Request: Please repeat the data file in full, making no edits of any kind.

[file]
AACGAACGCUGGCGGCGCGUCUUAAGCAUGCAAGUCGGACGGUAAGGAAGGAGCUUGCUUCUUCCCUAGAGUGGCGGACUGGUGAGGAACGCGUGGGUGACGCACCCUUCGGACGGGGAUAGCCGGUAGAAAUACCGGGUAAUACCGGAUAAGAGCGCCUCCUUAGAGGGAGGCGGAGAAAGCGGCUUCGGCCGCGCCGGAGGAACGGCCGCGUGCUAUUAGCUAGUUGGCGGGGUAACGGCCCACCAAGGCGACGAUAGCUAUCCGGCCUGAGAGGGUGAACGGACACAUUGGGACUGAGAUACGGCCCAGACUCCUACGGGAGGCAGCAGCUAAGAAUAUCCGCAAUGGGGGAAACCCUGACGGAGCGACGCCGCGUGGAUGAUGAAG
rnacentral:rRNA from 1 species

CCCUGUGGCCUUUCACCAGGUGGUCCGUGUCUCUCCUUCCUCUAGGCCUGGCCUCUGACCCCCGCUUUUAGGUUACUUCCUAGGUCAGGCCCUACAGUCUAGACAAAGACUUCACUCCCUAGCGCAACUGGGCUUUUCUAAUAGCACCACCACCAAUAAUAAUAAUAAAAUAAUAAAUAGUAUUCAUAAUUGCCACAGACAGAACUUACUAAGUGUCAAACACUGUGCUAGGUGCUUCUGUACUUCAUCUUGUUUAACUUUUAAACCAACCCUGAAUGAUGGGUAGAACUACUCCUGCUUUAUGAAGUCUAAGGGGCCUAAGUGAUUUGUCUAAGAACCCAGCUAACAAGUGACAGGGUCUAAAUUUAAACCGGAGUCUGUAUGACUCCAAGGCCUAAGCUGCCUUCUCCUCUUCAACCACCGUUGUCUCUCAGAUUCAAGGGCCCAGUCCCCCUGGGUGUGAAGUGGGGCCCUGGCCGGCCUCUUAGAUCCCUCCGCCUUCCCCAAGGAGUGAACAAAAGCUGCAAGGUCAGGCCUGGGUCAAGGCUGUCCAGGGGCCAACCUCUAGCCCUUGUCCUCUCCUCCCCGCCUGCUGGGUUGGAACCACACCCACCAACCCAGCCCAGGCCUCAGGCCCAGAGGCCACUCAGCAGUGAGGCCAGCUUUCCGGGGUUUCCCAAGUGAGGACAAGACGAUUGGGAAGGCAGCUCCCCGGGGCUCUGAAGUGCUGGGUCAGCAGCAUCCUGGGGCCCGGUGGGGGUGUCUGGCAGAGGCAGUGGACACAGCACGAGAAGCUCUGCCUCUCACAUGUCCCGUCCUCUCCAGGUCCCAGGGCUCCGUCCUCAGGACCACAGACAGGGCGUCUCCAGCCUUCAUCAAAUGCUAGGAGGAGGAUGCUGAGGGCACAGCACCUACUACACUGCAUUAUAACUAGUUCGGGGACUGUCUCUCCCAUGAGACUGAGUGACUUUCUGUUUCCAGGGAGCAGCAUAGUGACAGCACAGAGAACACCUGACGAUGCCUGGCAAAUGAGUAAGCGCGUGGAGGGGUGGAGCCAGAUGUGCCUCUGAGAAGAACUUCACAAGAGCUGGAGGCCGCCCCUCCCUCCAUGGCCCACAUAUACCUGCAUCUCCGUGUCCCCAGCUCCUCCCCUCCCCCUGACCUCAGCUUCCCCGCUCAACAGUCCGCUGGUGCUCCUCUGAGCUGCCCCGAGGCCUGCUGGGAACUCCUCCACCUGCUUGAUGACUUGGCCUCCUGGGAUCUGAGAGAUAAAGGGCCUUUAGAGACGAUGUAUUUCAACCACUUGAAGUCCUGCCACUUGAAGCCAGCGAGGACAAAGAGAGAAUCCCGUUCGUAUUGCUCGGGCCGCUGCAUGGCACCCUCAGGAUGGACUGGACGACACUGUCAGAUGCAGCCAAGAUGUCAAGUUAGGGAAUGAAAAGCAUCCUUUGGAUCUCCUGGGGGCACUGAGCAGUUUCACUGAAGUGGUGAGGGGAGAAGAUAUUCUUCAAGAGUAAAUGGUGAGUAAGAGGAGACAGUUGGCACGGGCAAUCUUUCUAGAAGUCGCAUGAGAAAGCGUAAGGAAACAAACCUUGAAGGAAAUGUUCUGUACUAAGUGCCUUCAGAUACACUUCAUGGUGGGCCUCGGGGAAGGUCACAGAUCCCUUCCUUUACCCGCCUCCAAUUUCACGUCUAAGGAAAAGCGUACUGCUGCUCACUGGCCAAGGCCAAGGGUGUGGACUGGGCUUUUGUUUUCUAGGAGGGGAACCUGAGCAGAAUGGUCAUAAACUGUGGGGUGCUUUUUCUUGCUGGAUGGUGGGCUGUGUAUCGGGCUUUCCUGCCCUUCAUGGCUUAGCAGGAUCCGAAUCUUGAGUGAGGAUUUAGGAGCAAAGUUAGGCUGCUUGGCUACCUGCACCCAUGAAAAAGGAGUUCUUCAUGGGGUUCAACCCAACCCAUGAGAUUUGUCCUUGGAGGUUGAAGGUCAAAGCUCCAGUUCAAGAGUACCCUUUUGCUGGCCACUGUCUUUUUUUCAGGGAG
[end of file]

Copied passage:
AACGAACGCUGGCGGCGCGUCUUAAGCAUGCAAGUCGGACGGUAAGGAAGGAGCUUGCUUCUUCCCUAGAGUGGCGGACUGGUGAGGAACGCGUGGGUGACGCACCCUUCGGACGGGGAUAGCCGGUAGAAAUACCGGGUAAUACCGGAUAAGAGCGCCUCCUUAGAGGGAGGCGGAGAAAGCGGCUUCGGCCGCGCCGGAGGAACGGCCGCGUGCUAUUAGCUAGUUGGCGGGGUAACGGCCCACCAAGGCGACGAUAGCUAUCCGGCCUGAGAGGGUGAACGGACACAUUGGGACUGAGAUACGGCCCAGACUCCUACGGGAGGCAGCAGCUAAGAAUAUCCGCAAUGGGGGAAACCCUGACGGAGCGACGCCGCGUGGAUGAUGAAG
rnacentral:rRNA from 1 species

CCCUGUGGCCUUUCACCAGGUGGUCCGUGUCUCUCCUUCCUCUAGGCCUGGCCUCUGACCCCCGCUUUUAGGUUACUUCCUAGGUCAGGCCCUACAGUCUAGACAAAGACUUCACUCCCUAGCGCAACUGGGCUUUUCUAAUAGCACCACCACCAAUAAUAAUAAUAAAAUAAUAAAUAGUAUUCAUAAUUGCCACAGACAGAACUUACUAAGUGUCAAACACUGUGCUAGGUGCUUCUGUACUUCAUCUUGUUUAACUUUUAAACCAACCCUGAAUGAUGGGUAGAACUACUCCUGCUUUAUGAAGUCUAAGGGGCCUAAGUGAUUUGUCUAAGAACCCAGCUAACAAGUGACAGGGUCUAAAUUUAAACCGGAGUCUGUAUGACUCCAAGGCCUAAGCUGCCUUCUCCUCUUCAACCACCGUUGUCUCUCAGAUUCAAGGGCCCAGUCCCCCUGGGUGUGAAGUGGGGCCCUGGCCGGCCUCUUAGAUCCCUCCGCCUUCCCCAAGGAGUGAACAAAAGCUGCAAGGUCAGGCCUGGGUCAAGGCUGUCCAGGGGCCAACCUCUAGCCCUUGUCCUCUCCUCCCCGCCUGCUGGGUUGGAACCACACCCACCAACCCAGCCCAGGCCUCAGGCCCAGAGGCCACUCAGCAGUGAGGCCAGCUUUCCGGGGUUUCCCAAGUGAGGACAAGACGAUUGGGAAGGCAGCUCCCCGGGGCUCUGAAGUGCUGGGUCAGCAGCAUCCUGGGGCCCGGUGGGGGUGUCUGGCAGAGGCAGUGGACACAGCACGAGAAGCUCUGCCUCUCACAUGUCCCGUCCUCUCCAGGUCCCAGGGCUCCGUCCUCAGGACCACAGACAGGGCGUCUCCAGCCUUCAUCAAAUGCUAGGAGGAGGAUGCUGAGGGCACAGCACCUACUACACUGCAUUAUAACUAGUUCGGGGACUGUCUCUCCCAUGAGACUGAGUGACUUUCUGUUUCCAGGGAGCAGCAUAGUGACAGCACAGAGAACACCUGACGAUGCCUGGCAAAUGAGUAAGCGCGUGGAGGGGUGGAGCCAGAUGUGCCUCUGAGAAGAACUUCACAAGAGCUGGAGGCCGCCCCUCCCUCCAUGGCCCACAUAUACCUGCAUCUCCGUGUCCCCAGCUCCUCCCCUCCCCCUGACCUCAGCUUCCCCGCUCAACAGUCCGCUGGUGCUCCUCUGAGCUGCCCCGAGGCCUGCUGGGAACUCCUCCACCUGCUUGAUGACUUGGCCUCCUGGGAUCUGAGAGAUAAAGGGCCUUUAGAGACGAUGUAUUUCAACCACUUGAAGUCCUGCCACUUGAAGCCAGCGAGGACAAAGAGAGAAUCCCGUUCGUAUUGCUCGGGCCGCUGCAUGGCACCCUCAGGAUGGACUGGACGACACUGUCAGAUGCAGCCAAGAUGUCAAGUUAGGGAAUGAAAAGCAUCCUUUGGAUCUCCUGGGGGCACUGAGCAGUUUCACUGAAGUGGUGAGGGGAGAAGAUAUUCUUCAAGAGUAAAUGGUGAGUAAGAGGAGACAGUUGGCACGGGCAAUCUUUCUAGAAGUCGCAUGAGAAAGCGUAAGGAAACAAACCUUGAAGGAAAUGUUCUGUACUAAGUGCCUUCAGAUACACUUCAUGGUGGGCCUCGGGGAAGGUCACAGAUCCCUUCCUUUACCCGCCUCCAAUUUCACGUCUAAGGAAAAGCGUACUGCUGCUCACUGGCCAAGGCCAAGGGUGUGGACUGGGCUUUUGUUUUCUAGGAGGGGAACCUGAGCAGAAUGGUCAUAAACUGUGGGGUGCUUUUUCUUGCUGGAUGGUGGGCUGUGUAUCGGGCUUUCCUGCCCUUCAUGGCUUAGCAGGAUCCGAAUCUUGAGUGAGGAUUUAGGAGCAAAGUUAGGCUGCUUGGCUACCUGCACCCAUGAAAAAGGAGUUCUUCAUGGGGUUCAACCCAACCCAUGAGAUUUGUCCUUGGAGGUUGAAGGUCAAAGCUCCAGUUCAAGAGUACCCUUUUGCUGGCCACUGUCUUUUUUUCAGGGAG